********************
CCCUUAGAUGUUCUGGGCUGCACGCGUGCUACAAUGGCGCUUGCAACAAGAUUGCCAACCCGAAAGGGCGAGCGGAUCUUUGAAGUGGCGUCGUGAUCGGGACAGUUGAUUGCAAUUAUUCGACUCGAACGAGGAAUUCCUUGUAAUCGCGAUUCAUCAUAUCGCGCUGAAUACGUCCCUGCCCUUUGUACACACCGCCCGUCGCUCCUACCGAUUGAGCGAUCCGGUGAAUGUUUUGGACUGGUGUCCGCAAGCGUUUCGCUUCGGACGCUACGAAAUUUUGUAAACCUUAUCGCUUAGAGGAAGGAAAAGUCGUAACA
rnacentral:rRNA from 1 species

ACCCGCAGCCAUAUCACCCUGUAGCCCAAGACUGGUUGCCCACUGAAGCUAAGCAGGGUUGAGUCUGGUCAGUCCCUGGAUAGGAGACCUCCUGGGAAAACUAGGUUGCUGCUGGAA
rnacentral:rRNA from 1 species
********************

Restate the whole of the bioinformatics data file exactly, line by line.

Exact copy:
CCCUUAGAUGUUCUGGGCUGCACGCGUGCUACAAUGGCGCUUGCAACAAGAUUGCCAACCCGAAAGGGCGAGCGGAUCUUUGAAGUGGCGUCGUGAUCGGGACAGUUGAUUGCAAUUAUUCGACUCGAACGAGGAAUUCCUUGUAAUCGCGAUUCAUCAUAUCGCGCUGAAUACGUCCCUGCCCUUUGUACACACCGCCCGUCGCUCCUACCGAUUGAGCGAUCCGGUGAAUGUUUUGGACUGGUGUCCGCAAGCGUUUCGCUUCGGACGCUACGAAAUUUUGUAAACCUUAUCGCUUAGAGGAAGGAAAAGUCGUAACA
rnacentral:rRNA from 1 species

ACCCGCAGCCAUAUCACCCUGUAGCCCAAGACUGGUUGCCCACUGAAGCUAAGCAGGGUUGAGUCUGGUCAGUCCCUGGAUAGGAGACCUCCUGGGAAAACUAGGUUGCUGCUGGAA
rnacentral:rRNA from 1 species